by Bill Chappell NPR
The Baltimore Police Department’s report on the death of Freddie Gray is now being examined by the city’s top prosecutor. The findings aren’t public; police revealed only a few new details when they announced the transition in the case Thursday. Baltimore’s curfew is expected to remain in effect through this weekend.
Gray died on March 19, one week after being taken into custody; police have said that during his transport, Gray wasn’t buckled in properly and did not receive timely medical care. Six police officers remain suspended over the case.
As Sam reported for the Two-Way, when police turned over the documents to State’s Attorney Marilyn Mosby in Baltimore, they announced that “the van transporting Freddie Gray, the 25-year-old black man who suffered a serious spine injury while in police custody and later died, made one more stop than previously thought.”
The roughly 40 minutes that Gray spent in the van have emerged as the focal point in the inquiry over how he sustained an injury that would later be blamed for his death.
That extra stop was discovered through a review of recordings made by security and private cameras, Deputy Police Commissioner Kevin Davis said. He added that another detainee who was riding in the van told police that Gray was “still moving around … kicking and making noises” until the van reached the police station.
That second detainee rode in the police van on the other side of a metal partition that divides its cargo space. When he was picked up, Gray was already in the van.
Local news WJZ-TV reports that Donta Allen, 22, was that second man – and that he came forward Thursday out of concern over how his comments were being portrayed by both the police and the media.
“When I was in the back of that van it did not stop or nothing. All it did was go straight to the station, but I heard a little banging, like he was banging his head,” Allen said. ” I didn’t even know he was in the van until we got to the station.”
Saying his words have been distorted by recent reports and that he doesn’t think Gray hurt himself intentionally, Allen also told a WJZ reporter, “The only reason I’m doing this is because they put my name in a bad state.”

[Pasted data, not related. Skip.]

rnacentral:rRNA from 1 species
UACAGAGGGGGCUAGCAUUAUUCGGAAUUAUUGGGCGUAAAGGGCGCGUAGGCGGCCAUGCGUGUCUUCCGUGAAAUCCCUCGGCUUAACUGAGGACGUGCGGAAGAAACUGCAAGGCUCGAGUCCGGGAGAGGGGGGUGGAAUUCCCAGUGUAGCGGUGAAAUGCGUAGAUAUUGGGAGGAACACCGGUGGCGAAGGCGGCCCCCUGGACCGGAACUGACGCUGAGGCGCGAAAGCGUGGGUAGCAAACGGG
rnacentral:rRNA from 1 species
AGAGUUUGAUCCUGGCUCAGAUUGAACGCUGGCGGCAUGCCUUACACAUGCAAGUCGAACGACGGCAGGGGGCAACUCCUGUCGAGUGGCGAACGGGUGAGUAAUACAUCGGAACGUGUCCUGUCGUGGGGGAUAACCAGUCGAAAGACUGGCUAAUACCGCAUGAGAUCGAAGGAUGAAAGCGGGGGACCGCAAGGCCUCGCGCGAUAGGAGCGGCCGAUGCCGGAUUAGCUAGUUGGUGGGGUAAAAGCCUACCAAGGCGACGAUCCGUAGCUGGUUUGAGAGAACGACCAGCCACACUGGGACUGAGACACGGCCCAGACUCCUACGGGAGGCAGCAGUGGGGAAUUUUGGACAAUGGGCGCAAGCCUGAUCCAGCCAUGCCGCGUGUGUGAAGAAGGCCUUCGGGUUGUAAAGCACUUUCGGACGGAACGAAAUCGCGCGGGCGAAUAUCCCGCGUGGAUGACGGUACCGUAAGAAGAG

Allen, who was reportedly taken into custody for a minor offense and was not charged with a crime, also spoke to WBAL TV. He told the station that when he got into the van, he didn’t know Gray was already there. He said he heard “a little banging for like four seconds.”
WBAL aired surveillance camera footage that shows officers looking into Gray’s side of the van during the stop that also picked up Allen.
When the van arrived at the police station, Allen said he heard the officers say that Gray didn’t have a pulse and was unresponsive — and that another officer later said, “He’s got vitals now, he must’ve come back.”
The sequence of events has led to wide-ranging questions over what happened: Was the van driven in a way that caused Gray’s injury? When did he become unresponsive? Were the sounds Allen heard caused by a seizure experienced by a gravely wounded man?
The Baltimore Sun reports: “Maryland’s chief medical examiner, Dr. David R. Fowler, said his office has not completed an autopsy or turned any documents over to police or prosecutors. He said homicide detectives had observed the examination, a routine practice.”
When it’s complete, Fowler’s report will go straight to the state’s attorney’s office, the newspaper says.
Protesters have been calling on police to reveal more information about the case. Thursday was the third night of Baltimore’s 10 p.m. curfew; before that time arrived, crowds of demonstrators marched in the city’s downtown, among a large police presence.
According to the AP, here’s what protesters were chanting last night:
- “I love Baltimore. We want peace.”
- “No justice, no peace.”
- “Justice. Freddie Gray.”
- “Black lives matter.”